The idea that we coaches should make practices harder then matches is one you hear quite frequently. How exactly do we do that, though? Here are some ways.

The conditioning element

One way to think of the “harder” angle is in terms of conditioning. From this perspective we can approach things in terms of making practice more physically demanding than matches. This is something I talk about my how to add conditioning to your practice post.

Reducing processing time

Under match conditions there is a rally, then a period of reset time before the next serve. That gives players a chance to mentally reset. We can remove that reset, though, and force them to immediately focus on the next sequence. This is as simple as adding a second ball immediately after a rally – a feature of wash games. Now players have to go through 2 or more rallies before they get the mental break. As an aside, I like to do this to keep them from thinking too much about their mistakes.

Increasing precision

In game conditions there are a lot of situations where execution is “good enough”. By that I mean they are sufficient to get the job done. For example, a hitter might not have a great swing but still get a kill. Or a server might miss their target, but still put the other team out-of-system. In practice, however, you can require proper execution of a skill, play, or whatever you’re focused on. Anything else simply doesn’t count.

Increasing the mental challenge

Another thing we can do to make practices harder than matches is to ratchet up the mental demands. There are a couple angles on this. One is the problem-solving angle. We really work them mentally by forcing them to constantly have to evaluate situations and make decisions. Another is to create pressure situations, though they have to be either repetitive or persistent to go beyond match conditions.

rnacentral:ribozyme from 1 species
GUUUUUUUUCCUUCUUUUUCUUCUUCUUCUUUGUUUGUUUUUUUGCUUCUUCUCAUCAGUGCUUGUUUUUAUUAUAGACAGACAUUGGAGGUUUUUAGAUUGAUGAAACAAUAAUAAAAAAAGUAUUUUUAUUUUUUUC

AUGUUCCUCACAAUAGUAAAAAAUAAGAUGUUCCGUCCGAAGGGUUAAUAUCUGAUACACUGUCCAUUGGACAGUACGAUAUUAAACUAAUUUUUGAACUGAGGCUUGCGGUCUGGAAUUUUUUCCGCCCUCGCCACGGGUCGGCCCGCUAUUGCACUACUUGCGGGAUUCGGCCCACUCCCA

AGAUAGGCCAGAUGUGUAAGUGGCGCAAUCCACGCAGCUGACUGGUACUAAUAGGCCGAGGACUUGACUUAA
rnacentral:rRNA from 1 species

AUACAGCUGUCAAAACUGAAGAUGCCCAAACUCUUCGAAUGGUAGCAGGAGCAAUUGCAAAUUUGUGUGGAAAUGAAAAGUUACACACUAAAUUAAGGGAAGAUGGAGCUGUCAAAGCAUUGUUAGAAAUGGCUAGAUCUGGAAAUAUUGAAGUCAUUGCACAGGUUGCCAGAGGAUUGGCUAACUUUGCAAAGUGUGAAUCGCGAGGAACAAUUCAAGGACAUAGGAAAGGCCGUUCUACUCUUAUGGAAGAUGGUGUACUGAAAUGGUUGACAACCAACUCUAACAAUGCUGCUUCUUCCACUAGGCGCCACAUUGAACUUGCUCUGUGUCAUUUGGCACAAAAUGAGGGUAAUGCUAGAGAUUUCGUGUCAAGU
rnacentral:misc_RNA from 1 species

Mixing and matching

It tends to be that these areas of increased challenge overlap. For example, any exercise which reduces player processing time also tends to increase physical conditioning. And increasing the demands for precision can definitely induce more pressure. Keep in mind, though, that for a practice to truly be more challenging than a match you can’t just do one or more of the above for like 15 minutes. They need to be factored in through the whole session.

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John Forman
John Forman

John is currently the Talent Strategy Manager (oversees the national teams) and Indoor Performance Director for Volleyball England, as well as Global Director for Volleyball for Nation Academy. His volleyball coaching experience includes all three NCAA divisions, plus Junior College, in the US; university and club teams in the UK; professional coaching in Sweden; and both coaching and club management at the Juniors level. He's also been a visiting coach at national team, professional club, and juniors programs in several countries. Learn more on his bio page.

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